- #1
Salmone
- 101
- 13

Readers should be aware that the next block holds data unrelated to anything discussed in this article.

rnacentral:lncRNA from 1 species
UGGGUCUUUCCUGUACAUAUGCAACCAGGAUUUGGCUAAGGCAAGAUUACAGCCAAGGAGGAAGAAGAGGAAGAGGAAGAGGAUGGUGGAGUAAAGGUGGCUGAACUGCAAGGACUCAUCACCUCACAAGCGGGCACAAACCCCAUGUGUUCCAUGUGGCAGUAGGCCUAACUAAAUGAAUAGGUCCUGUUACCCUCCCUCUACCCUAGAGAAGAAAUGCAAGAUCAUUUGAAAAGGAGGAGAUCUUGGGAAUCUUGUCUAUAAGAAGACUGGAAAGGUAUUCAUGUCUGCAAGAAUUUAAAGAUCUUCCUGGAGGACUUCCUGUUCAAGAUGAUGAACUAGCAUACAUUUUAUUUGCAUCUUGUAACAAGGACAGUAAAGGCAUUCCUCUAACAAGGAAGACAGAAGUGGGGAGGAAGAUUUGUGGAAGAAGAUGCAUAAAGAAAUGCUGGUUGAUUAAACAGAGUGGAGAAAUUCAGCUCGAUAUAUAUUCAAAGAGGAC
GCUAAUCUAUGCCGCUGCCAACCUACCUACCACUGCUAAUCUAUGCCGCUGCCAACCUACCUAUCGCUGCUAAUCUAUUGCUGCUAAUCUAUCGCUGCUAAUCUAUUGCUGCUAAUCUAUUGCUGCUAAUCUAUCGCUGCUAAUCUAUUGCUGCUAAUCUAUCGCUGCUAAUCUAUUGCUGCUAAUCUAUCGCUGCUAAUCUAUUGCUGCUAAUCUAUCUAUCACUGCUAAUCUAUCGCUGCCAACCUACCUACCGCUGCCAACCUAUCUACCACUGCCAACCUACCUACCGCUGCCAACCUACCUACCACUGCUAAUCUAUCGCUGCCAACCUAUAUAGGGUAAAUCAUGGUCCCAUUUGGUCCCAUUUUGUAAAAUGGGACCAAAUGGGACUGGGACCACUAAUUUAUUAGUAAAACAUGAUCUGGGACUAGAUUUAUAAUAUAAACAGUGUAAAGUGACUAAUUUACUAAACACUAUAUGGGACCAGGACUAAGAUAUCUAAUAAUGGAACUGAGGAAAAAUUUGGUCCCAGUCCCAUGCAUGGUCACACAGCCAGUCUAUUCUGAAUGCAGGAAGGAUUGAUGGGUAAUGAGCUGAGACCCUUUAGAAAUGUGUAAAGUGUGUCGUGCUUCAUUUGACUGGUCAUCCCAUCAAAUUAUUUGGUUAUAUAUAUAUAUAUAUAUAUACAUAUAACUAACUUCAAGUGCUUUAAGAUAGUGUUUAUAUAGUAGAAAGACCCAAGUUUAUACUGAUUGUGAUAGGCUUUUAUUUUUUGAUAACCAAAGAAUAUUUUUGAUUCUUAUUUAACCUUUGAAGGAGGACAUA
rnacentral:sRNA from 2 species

In a problem of an oscillating electric dipole, under appropriate conditions, one can find, for the potential vector calculated at the point ##\vec{r}##, the expression ##\vec{A}=\hat{k}\frac{\mu_0I_0d}{4\pi}\frac{cos(\omega(t-r/c))}{r}## where: ##\hat{k}## is the direction of the ##z-axis## where the dipole is oscillating, ##I_0## is the current (##I(t)=I_0cos(\omega t)##), ##d## is the distance between the charges of the dipole and ##r## is the distance between the origin of the system and the point where I want to calculate the potential vector. Let ##\vec{p}=\hat{k}qd=\frac{\hat{k}dI_0}{\omega}sin(\omega t)## be the dipole moment, it is possible to rewrite the potential vector as ##\vec{A}=\frac{\mu_0}{4\pi}\frac{\vec{\dot p(t-r/c)}}{r}## where ##\vec{\dot p}## is the derivative with respect to time.